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Apart from making a nice symmetry with unary minus, why is unary plus operator defined on Numeric class? Is there some practical value in it, except for causing confusion allowing writing things like ++i (which, unlike most non-Rubyists would think, doesn't increment i).

I can think of scenario where defining unary plus on a custom class could be useful (say if you're creating some sexy DSL), so being able to define it is ok, but why is it already defined on Ruby numbers?

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Perhaps it's just a matter of consistency, both with other programming languages, and to mirror the unary minus.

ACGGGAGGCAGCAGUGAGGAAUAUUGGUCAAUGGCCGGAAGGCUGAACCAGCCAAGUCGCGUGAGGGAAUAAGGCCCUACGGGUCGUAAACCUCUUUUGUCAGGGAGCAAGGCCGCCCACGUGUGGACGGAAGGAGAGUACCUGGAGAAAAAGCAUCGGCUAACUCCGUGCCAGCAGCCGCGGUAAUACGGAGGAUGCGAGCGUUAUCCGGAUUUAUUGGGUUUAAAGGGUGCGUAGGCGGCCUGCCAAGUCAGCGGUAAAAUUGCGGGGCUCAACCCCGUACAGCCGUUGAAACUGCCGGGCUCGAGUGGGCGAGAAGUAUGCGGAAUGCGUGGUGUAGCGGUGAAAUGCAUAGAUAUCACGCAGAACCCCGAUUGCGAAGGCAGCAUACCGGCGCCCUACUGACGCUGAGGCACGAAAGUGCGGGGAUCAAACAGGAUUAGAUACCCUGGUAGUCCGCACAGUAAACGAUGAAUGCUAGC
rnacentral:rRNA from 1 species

Found support for this in The Ruby Programming Language (written by Yukihiro Matsumoto, who designed Ruby):

The unary plus is allowed, but it has no effect on numeric operands—it simply returns the value of its operand. It is provided for symmetry with unary minus, and can, of course, be redefined.

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As mentioned in the docs, if a string is frozen the unary plus operator will return a mutable string.

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  • Thanks, nice to know. The question was about the Numeric class though. – Mladen Jablanović Oct 22 '18 at 13:56
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One possible reason I see is to explicitly state that a number is positive(even though it by default is positive).

ruby-1.9.2-p136 :051 > +3
 => 3 
ruby-1.9.2-p136 :052 > 3
 => 3 
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